agreement or lease;' Provided further that, if any default is made in making
any refund as aforesaid, the landlord shall be liable to pay simple interest at
the rate of six per cent per annum on the amount which he has omitted, or
failed to refund." A summary remedy is provided by s. 25B which reads:
"25.B. Special procedure for the
disposal of applications for eviction on the ground of bona fide requirement.-(1)
Every application by a landlord for the recovery of possession of any premises
on the ground specified in clause (a) of the proviso to. Sub-section (1) of
Section 14, or under Section 14A, shall be dealt with in accordance with the
procedure specified in this section.
(2) The Controller shall issue summons, in
every application referred to in sub-section
(1 ), in the form specified in the Third Schedule.
(3) (a) The Controller shall, in acquisition
to, and simultaneously with, the issue of summons for service on the tenant,
also direct the summons to be served by registered post, acknowledgment due,
addressed to the tenant or his agent empowered to accept the service at the
place where the tenant or his agent actually and voluntarily resides or carries
on business or personally works for gain and may, if the circumstances of the
case so require, also direct the publication of the summons in a newspaper
circulating in the locality in which the tenant is last known to have resided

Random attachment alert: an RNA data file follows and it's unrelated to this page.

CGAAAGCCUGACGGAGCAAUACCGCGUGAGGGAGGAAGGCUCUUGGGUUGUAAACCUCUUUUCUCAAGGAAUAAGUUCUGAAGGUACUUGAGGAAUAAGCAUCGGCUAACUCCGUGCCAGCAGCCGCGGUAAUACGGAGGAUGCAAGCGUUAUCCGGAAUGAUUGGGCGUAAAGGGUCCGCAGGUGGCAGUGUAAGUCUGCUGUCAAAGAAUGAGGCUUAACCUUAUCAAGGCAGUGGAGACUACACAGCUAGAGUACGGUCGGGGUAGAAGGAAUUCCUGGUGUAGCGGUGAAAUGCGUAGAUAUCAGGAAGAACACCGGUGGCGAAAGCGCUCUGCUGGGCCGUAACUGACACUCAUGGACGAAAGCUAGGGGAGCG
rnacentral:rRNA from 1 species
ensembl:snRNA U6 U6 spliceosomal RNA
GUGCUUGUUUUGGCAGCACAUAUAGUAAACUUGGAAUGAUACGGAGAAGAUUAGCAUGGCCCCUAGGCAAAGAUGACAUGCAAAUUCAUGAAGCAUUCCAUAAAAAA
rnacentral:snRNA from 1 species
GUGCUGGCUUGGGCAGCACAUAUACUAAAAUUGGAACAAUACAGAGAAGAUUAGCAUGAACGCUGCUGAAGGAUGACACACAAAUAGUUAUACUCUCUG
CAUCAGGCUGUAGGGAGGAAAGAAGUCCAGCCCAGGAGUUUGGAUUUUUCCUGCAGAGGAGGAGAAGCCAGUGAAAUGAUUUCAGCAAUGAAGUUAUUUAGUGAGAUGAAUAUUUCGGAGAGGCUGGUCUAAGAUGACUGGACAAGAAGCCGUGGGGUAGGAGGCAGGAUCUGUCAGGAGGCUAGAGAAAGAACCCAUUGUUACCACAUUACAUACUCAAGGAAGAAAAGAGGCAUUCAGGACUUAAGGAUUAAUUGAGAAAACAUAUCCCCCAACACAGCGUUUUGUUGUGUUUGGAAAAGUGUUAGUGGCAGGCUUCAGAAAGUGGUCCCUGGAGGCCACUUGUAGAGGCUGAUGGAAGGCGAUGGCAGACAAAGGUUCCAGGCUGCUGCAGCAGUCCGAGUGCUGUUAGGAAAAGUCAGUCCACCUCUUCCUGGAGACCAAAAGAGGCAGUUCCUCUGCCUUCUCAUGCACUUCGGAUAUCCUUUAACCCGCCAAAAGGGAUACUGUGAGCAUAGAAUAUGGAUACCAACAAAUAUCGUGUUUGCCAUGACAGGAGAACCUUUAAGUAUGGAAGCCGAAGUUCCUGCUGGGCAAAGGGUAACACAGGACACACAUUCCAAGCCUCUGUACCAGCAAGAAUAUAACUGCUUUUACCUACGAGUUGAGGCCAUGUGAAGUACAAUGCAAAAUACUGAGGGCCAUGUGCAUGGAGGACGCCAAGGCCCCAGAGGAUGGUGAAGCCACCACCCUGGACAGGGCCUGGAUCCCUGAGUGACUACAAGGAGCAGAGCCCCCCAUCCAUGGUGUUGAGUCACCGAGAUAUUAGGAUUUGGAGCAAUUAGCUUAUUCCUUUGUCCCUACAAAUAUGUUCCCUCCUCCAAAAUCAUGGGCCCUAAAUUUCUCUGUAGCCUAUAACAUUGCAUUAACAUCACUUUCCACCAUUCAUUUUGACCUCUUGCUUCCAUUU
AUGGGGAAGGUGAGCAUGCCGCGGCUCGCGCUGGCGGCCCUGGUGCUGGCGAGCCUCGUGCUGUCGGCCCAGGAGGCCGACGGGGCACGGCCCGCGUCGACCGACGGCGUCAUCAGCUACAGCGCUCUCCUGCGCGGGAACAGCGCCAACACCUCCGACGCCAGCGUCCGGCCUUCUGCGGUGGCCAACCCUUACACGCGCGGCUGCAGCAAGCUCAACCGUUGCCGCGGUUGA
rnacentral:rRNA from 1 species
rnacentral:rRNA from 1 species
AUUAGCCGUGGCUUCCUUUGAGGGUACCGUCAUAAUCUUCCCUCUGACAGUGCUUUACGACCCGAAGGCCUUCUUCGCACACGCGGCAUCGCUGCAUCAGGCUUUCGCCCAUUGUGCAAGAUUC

or carried on business or personally worked for gain.
(b) When an acknowledgment purporting to be
signed by the tenant or his agent is received by the Controller or the
registered article containing the summons is received back with an endorsement
purporting to have been made by a postal employee to the effect that the tenant
or his agent had refused to take delivery of the registered article, the
Controller may declare that there has been a valid service of summons.
319 (Krishna Iyer, J.) (4) The tenant on whom
the summons is dully served (whether in the ordinary way or by registered post)
in the form specified in the Third Schedule shall not contest the prayer for
eviction from the premises unless he files an affidavit stating the grounds on
which he seeks to contest the application for eviction and obtains leave from
the Controller as hereinafter provided; and in default of his appearance in
pursuance of the summons or his obtaining such leave, the statement made by the
landlord in the application for eviction shall be deemed to be committed by the
tenant and the applicant shall be entitled to an order for eviction on the
(5) The Controller shall give -to. the tenant
leave to contest the application if the affidavit filed by the tenant discloses
such facts as would disentitle the landlord from obtaining an order for the
recovery of possession of the premises on the ground specified in clause (a) of
the proviso to sub-section (1) of Section 14, or under Section 14A.
(6) Where leave is granted to the tenant to
contest the application, the Controller shall commence the hearing of the
application as early as practicable.
(7) Notwithstanding anything contained in
sub-section (2) of Section 17, the Controller shall, while holding an inquiry
in a proceeding to which this Chapter applies, follow the practice and
procedure of a Court of Small Causes, including the recording of evidence.